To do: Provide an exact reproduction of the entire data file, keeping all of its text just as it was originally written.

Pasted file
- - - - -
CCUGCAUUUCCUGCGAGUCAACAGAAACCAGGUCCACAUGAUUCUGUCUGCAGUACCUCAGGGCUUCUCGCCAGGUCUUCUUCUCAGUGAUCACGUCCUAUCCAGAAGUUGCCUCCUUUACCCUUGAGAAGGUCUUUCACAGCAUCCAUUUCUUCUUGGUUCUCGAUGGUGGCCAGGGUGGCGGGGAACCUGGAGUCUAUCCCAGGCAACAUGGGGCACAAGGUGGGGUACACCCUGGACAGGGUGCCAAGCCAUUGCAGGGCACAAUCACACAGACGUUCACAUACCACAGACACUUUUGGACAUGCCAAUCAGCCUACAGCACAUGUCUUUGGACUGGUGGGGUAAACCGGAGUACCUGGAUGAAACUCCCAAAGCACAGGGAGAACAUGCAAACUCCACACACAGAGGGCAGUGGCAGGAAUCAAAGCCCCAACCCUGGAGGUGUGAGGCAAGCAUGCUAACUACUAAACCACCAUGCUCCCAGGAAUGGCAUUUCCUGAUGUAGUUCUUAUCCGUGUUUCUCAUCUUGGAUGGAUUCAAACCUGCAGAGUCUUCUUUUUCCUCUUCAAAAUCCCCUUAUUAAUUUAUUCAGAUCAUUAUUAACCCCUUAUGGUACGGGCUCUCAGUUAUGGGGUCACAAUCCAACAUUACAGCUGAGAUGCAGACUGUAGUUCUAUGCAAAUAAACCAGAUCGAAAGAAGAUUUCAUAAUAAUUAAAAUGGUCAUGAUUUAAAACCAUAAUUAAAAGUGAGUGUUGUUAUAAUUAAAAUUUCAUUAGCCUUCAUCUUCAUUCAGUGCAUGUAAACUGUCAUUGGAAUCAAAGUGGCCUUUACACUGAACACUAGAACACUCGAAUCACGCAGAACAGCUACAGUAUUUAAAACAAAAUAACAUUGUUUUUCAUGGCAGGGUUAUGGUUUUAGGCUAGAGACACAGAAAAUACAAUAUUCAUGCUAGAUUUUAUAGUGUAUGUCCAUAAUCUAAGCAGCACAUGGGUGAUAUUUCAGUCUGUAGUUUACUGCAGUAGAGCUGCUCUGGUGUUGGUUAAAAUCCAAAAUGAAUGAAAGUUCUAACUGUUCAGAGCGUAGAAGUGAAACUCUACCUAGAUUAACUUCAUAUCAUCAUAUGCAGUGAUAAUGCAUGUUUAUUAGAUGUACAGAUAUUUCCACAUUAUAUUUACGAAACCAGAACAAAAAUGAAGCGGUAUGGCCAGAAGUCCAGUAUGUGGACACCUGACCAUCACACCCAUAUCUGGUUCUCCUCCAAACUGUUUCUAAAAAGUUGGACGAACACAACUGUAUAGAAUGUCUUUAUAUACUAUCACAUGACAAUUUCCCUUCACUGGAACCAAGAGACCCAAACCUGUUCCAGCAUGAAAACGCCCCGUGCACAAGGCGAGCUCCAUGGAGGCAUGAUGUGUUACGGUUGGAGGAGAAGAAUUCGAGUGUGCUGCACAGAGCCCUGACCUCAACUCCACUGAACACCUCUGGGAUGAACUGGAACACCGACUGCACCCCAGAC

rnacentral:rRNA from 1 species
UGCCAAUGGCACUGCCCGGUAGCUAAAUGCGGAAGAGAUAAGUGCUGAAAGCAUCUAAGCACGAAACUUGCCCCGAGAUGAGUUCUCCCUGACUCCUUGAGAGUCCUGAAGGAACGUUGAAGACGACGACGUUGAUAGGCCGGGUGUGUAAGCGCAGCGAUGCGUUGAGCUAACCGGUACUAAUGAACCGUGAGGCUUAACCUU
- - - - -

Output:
CCUGCAUUUCCUGCGAGUCAACAGAAACCAGGUCCACAUGAUUCUGUCUGCAGUACCUCAGGGCUUCUCGCCAGGUCUUCUUCUCAGUGAUCACGUCCUAUCCAGAAGUUGCCUCCUUUACCCUUGAGAAGGUCUUUCACAGCAUCCAUUUCUUCUUGGUUCUCGAUGGUGGCCAGGGUGGCGGGGAACCUGGAGUCUAUCCCAGGCAACAUGGGGCACAAGGUGGGGUACACCCUGGACAGGGUGCCAAGCCAUUGCAGGGCACAAUCACACAGACGUUCACAUACCACAGACACUUUUGGACAUGCCAAUCAGCCUACAGCACAUGUCUUUGGACUGGUGGGGUAAACCGGAGUACCUGGAUGAAACUCCCAAAGCACAGGGAGAACAUGCAAACUCCACACACAGAGGGCAGUGGCAGGAAUCAAAGCCCCAACCCUGGAGGUGUGAGGCAAGCAUGCUAACUACUAAACCACCAUGCUCCCAGGAAUGGCAUUUCCUGAUGUAGUUCUUAUCCGUGUUUCUCAUCUUGGAUGGAUUCAAACCUGCAGAGUCUUCUUUUUCCUCUUCAAAAUCCCCUUAUUAAUUUAUUCAGAUCAUUAUUAACCCCUUAUGGUACGGGCUCUCAGUUAUGGGGUCACAAUCCAACAUUACAGCUGAGAUGCAGACUGUAGUUCUAUGCAAAUAAACCAGAUCGAAAGAAGAUUUCAUAAUAAUUAAAAUGGUCAUGAUUUAAAACCAUAAUUAAAAGUGAGUGUUGUUAUAAUUAAAAUUUCAUUAGCCUUCAUCUUCAUUCAGUGCAUGUAAACUGUCAUUGGAAUCAAAGUGGCCUUUACACUGAACACUAGAACACUCGAAUCACGCAGAACAGCUACAGUAUUUAAAACAAAAUAACAUUGUUUUUCAUGGCAGGGUUAUGGUUUUAGGCUAGAGACACAGAAAAUACAAUAUUCAUGCUAGAUUUUAUAGUGUAUGUCCAUAAUCUAAGCAGCACAUGGGUGAUAUUUCAGUCUGUAGUUUACUGCAGUAGAGCUGCUCUGGUGUUGGUUAAAAUCCAAAAUGAAUGAAAGUUCUAACUGUUCAGAGCGUAGAAGUGAAACUCUACCUAGAUUAACUUCAUAUCAUCAUAUGCAGUGAUAAUGCAUGUUUAUUAGAUGUACAGAUAUUUCCACAUUAUAUUUACGAAACCAGAACAAAAAUGAAGCGGUAUGGCCAGAAGUCCAGUAUGUGGACACCUGACCAUCACACCCAUAUCUGGUUCUCCUCCAAACUGUUUCUAAAAAGUUGGACGAACACAACUGUAUAGAAUGUCUUUAUAUACUAUCACAUGACAAUUUCCCUUCACUGGAACCAAGAGACCCAAACCUGUUCCAGCAUGAAAACGCCCCGUGCACAAGGCGAGCUCCAUGGAGGCAUGAUGUGUUACGGUUGGAGGAGAAGAAUUCGAGUGUGCUGCACAGAGCCCUGACCUCAACUCCACUGAACACCUCUGGGAUGAACUGGAACACCGACUGCACCCCAGAC

rnacentral:rRNA from 1 species
UGCCAAUGGCACUGCCCGGUAGCUAAAUGCGGAAGAGAUAAGUGCUGAAAGCAUCUAAGCACGAAACUUGCCCCGAGAUGAGUUCUCCCUGACUCCUUGAGAGUCCUGAAGGAACGUUGAAGACGACGACGUUGAUAGGCCGGGUGUGUAAGCGCAGCGAUGCGUUGAGCUAACCGGUACUAAUGAACCGUGAGGCUUAACCUU